The Center for the Study of Women in Television and Film at San Diego University’s study on women in film for 2011 is out and it showed some less than promising results. In the year’s top 100 grossing movies, only 10% had female protagonists. In ensemble casts, 31% featured “at least one prominent female character.” These numbers are a bit less than the 50% of the population women comprise in real life. You can see the overview of the study here and if youâ€™re not pdf adverse, here.
Now this is the important part:
…when the size of the budget is held constant, films with female protagonists or prominent females in an ensemble cast earn similar box office grosses (domestic, international, opening weekend) and DVD sales as films with male protagonists. Because films featuring male protagonists have larger budgets, they earn larger box office grosses. However, the differences in box office grosses are not caused by the sex of the protagonist but by the size of the budget. Films with larger budgets generate larger grosses, regardless of the sex of the protagonist.
So, if the gender of the lead or leads of a film do not, in fact, have an influence on the box office numbers, but rather the size of the budget, where do we get the idea that films with women in the lead don’t make money?
Powerful men decided that movies with women in the lead don’t make money and then invested less money in movies with women in the lead which caused said movies to make less money thus proving their original theory. Self-fulfilling prophecy much?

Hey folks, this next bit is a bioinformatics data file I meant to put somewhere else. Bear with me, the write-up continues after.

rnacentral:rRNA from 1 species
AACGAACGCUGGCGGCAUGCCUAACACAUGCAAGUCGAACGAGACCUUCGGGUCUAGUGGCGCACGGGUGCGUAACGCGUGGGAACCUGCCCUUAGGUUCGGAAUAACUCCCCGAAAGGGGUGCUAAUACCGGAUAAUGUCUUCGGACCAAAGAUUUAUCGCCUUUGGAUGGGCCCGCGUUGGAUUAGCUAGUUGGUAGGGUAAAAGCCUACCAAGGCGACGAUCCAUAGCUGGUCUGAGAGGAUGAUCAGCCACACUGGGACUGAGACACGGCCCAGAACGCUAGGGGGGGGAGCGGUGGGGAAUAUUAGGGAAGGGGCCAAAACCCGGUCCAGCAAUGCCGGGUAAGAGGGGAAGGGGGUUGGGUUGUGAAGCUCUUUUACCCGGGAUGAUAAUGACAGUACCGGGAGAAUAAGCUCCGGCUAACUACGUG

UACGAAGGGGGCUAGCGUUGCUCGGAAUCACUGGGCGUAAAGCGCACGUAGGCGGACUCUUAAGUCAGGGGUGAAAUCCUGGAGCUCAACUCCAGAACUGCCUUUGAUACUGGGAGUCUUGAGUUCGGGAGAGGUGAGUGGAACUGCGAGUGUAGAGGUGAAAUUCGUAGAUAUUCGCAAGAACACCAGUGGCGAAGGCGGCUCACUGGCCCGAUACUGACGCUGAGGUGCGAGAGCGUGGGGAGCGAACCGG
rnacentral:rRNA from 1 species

One hopes that the success of The Hunger Games would prove those powerful men wrong, but Angelina Jolie’s continued success in action movies proved to these same men that the only female that could lead an action movie was Angelina Jolie. These are the people who assume that no one went to see Catwoman and Elektra because a woman can’t carry an action movie. The idea that those movies just weren’t good never occurs to them. Any movie starring a man that fails, fails. Any movie starring a woman that fails is proof that no one, not even women, want to see a woman in the lead.
So, are we stuck with a future of having to watch mid-budget romantic comedies if we want to see people like ourselves in the lead? Or will Hollywood realize that once they decide to allocate similar budgets to female led properties as they do to the male ones, that people will go to said movies?
Well, let’s see what Joe Quesada told Ain’t It Cool News at Kapow! Con:
In a chat afterwards, Joe told me that he’d love to make a tentpole movie with a female lead, but that he really doesn’t think there is an actress right now who could carry it, or a character that would work either.
Huh. That’s less than promising.